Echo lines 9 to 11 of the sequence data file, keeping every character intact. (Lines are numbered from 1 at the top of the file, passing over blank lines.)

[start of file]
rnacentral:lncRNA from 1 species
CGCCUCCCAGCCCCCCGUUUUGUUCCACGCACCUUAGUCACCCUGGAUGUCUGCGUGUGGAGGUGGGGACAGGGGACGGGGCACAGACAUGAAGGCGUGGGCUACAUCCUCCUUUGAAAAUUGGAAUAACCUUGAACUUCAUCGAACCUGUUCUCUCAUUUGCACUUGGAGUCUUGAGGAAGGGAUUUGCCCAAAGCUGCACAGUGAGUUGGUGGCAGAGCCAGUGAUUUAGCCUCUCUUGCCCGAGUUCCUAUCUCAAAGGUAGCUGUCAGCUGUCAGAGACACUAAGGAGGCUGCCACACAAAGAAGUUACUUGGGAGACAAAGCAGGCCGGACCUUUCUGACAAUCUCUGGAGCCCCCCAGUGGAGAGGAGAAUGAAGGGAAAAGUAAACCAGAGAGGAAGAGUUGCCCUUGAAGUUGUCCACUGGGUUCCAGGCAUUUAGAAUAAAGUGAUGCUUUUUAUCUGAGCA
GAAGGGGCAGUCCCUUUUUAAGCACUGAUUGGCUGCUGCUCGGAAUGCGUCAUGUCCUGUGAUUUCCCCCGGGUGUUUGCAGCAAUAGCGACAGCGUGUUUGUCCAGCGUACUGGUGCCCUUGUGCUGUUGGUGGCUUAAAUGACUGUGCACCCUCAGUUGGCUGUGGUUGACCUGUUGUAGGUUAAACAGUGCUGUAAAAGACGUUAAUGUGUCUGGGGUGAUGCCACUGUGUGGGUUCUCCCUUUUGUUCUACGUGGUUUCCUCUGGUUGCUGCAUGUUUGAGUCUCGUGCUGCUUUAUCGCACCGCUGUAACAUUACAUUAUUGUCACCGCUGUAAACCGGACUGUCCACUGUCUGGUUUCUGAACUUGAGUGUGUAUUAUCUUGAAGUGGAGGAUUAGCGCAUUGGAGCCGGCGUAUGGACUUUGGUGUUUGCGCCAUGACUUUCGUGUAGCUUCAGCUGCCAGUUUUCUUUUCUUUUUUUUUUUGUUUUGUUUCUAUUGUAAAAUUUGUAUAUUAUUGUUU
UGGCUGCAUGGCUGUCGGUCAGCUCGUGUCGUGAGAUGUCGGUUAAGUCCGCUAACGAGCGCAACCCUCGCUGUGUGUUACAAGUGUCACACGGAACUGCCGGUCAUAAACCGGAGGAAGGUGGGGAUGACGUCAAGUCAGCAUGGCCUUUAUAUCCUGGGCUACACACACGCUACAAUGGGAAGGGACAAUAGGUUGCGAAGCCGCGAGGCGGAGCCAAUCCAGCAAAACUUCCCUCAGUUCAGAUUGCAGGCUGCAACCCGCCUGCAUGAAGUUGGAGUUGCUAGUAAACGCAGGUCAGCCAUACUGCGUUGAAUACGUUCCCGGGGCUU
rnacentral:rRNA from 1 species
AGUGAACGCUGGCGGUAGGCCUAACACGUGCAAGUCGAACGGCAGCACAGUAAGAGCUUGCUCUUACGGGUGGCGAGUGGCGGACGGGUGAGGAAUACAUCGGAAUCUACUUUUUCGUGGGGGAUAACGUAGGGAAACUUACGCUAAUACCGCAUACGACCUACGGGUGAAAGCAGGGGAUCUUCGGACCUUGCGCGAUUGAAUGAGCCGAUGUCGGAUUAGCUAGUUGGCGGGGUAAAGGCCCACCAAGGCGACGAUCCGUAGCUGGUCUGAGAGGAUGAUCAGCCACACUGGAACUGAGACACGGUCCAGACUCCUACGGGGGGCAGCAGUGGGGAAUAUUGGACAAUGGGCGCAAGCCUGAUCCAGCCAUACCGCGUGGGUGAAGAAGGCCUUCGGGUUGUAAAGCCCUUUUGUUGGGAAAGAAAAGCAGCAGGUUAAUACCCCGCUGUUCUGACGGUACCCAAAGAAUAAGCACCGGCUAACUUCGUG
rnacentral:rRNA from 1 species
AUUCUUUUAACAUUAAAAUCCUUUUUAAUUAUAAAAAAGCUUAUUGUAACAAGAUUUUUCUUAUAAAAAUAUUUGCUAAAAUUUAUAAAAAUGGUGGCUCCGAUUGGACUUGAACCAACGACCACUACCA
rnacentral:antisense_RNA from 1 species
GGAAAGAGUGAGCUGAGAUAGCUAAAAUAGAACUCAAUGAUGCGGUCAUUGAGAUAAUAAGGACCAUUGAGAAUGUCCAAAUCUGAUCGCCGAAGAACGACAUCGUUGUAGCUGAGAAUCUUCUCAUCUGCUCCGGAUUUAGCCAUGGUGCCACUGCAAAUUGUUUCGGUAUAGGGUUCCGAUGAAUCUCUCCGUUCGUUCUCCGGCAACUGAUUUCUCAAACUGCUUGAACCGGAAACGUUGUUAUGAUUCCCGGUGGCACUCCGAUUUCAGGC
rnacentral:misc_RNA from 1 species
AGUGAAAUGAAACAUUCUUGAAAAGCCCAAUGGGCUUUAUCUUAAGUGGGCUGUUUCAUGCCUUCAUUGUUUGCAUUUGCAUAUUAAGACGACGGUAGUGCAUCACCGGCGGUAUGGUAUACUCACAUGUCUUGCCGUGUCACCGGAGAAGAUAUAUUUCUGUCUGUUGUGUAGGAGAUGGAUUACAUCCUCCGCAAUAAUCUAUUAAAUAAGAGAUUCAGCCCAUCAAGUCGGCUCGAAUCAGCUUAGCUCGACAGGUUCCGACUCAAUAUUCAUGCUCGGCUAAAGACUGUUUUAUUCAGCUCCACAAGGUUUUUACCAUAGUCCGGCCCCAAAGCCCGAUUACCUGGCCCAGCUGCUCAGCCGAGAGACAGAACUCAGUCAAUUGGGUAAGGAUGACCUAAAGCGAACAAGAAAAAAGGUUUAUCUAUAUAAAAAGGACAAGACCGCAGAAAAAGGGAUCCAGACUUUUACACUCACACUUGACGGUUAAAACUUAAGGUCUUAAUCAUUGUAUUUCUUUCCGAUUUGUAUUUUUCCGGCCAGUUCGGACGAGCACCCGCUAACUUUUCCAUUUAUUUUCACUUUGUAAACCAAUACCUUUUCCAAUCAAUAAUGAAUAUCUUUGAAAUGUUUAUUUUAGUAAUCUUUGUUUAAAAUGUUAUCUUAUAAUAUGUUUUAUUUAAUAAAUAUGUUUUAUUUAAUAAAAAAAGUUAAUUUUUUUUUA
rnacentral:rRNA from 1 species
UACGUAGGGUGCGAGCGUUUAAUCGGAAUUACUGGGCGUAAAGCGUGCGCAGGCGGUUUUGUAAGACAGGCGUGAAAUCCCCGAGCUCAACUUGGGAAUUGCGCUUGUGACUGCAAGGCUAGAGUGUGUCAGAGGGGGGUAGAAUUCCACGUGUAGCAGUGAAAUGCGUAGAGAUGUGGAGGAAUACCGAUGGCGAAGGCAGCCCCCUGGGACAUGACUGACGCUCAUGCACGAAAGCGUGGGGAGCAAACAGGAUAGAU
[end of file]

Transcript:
rnacentral:antisense_RNA from 1 species
GGAAAGAGUGAGCUGAGAUAGCUAAAAUAGAACUCAAUGAUGCGGUCAUUGAGAUAAUAAGGACCAUUGAGAAUGUCCAAAUCUGAUCGCCGAAGAACGACAUCGUUGUAGCUGAGAAUCUUCUCAUCUGCUCCGGAUUUAGCCAUGGUGCCACUGCAAAUUGUUUCGGUAUAGGGUUCCGAUGAAUCUCUCCGUUCGUUCUCCGGCAACUGAUUUCUCAAACUGCUUGAACCGGAAACGUUGUUAUGAUUCCCGGUGGCACUCCGAUUUCAGGC
rnacentral:misc_RNA from 1 species